How to screw yourself when buying web development services

As a solver of marketing problems, I see more than my fair share of projects gone bad. But in terms of percentages, web projects rule the stinking pile by a vast majority. I’ve lost count of how many clients come to me with tales of wasted money, disappointment and angst because they were led down a primrose path and wound up with a site that was a digital car crash.

In almost every case, they relied on a vendor (or internal person) to advise them because they didn’t really have much expertise in this area. But to be fair, that’s why they were reaching out to someone else in the first place. I’m not saying that developers are evil bastards – they mean well but many simply don’t have the broad knowledge required to pull off a successful project. It takes more than I.T. chops to make a site that sings.

Before my development buddies show up with pitch forks and torches, let me be clear. There are people and teams who have experience in design, interfaces, content, programming, marketing, sales and business in general but they are few and far between. (You know who you are). But the reality is that these individuals are as rare as they are in demand.

The absolute worst way to find and evaluate a developer (or any service provider) is to create an RFP. Just don’t do it. If you knew everything you needed to know to create a complete RFP, you wouldn’t need a developer. I’ve never seen an RFP that wasn’t significantly ambiguous. RFP’s also reduce the conversation to price. And in the web business price is endlessly elastic. But quality is not. If ever the adage that “you get what you pay for” rings true it is in web development.

Basing a decision on price also opens you up to manipulation. Web sites are complex animals. A scope of work can be many pages long. Even small changes and request can have significant impact on fees. But many developers are experts at limiting the scope to submit a low ball bid. They know that the job will require more work and they are ready with a change order at the drop of a hat.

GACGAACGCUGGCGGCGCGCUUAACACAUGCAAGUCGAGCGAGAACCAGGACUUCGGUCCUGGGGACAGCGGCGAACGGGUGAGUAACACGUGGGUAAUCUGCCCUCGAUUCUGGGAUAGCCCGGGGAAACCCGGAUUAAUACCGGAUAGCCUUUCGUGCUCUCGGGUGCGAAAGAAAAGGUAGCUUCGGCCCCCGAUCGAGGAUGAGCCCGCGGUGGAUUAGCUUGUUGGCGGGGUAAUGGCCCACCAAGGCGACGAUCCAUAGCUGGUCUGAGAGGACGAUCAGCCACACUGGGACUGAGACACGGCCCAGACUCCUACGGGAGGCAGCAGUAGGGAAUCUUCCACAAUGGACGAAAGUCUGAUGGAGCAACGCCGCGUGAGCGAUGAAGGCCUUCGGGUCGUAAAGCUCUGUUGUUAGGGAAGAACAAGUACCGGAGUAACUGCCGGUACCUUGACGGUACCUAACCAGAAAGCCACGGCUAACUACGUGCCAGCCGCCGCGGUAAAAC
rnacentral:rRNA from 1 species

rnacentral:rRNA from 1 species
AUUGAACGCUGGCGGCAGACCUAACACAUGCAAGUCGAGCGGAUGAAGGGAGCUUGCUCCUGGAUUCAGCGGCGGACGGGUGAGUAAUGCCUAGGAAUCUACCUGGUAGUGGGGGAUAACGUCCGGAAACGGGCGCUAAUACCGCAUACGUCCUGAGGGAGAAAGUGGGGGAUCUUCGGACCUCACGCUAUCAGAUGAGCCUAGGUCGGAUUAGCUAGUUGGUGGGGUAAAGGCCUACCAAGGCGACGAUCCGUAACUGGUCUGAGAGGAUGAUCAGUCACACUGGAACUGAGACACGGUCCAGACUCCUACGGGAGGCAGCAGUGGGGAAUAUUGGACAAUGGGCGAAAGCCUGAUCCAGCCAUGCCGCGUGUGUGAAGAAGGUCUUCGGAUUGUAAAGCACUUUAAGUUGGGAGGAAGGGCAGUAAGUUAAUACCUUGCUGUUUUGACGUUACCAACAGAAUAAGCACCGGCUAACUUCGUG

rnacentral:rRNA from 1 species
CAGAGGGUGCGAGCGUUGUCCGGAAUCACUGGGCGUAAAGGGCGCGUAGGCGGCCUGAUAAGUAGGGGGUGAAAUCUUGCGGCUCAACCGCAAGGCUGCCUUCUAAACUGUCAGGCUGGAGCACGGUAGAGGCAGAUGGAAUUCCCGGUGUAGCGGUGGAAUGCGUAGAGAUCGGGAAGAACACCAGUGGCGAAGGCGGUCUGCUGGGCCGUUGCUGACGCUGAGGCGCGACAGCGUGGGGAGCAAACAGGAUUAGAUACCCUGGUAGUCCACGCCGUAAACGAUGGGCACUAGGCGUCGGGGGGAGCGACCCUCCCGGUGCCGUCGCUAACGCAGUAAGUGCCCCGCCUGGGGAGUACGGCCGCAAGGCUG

Bidding out web projects also doesn’t allow you to personally meet and vet candidates. In fact, the best firms will simply toss your RFP in the round file. Your gut will tell you more about a partner than any polished proposal.

A better way is to first determine what you want to accomplish with the site. Be specific. If you need some help in this area, engage a consultant to assist you in a strategic analysis of the problems, resources and opportunities. Then, reach out to your network to find out who they recommend. Ask about their experiences – did they have a strategic approach? Did they meet deadlines? Did they stick to budgets? Did they offer ideas?

Make your short list of companies and then check who their clients are. Ask for references. Talk to the references. Before you ask “how much” share with the developer your ball park budget. You don’t have to lift your skirt – just give them a sense of what you are thinking in terms of investment. I’ve had people go on and on about the site they want to build and then I find out their budget is $500.00. Great. You wasted your time and mine.

In many cases, however, you may not know what a reasonable budget is. The solution is to choose the best candidate from your short list and have them create a functional specification and a creative brief. If they don’t know what you are talking about, move to the next name on the list. Pay them for these documents – not only will they require much time and expertise, they will be invaluable to you as you implement your new site. Part of these specifications is determining the right budget for production. Exactly.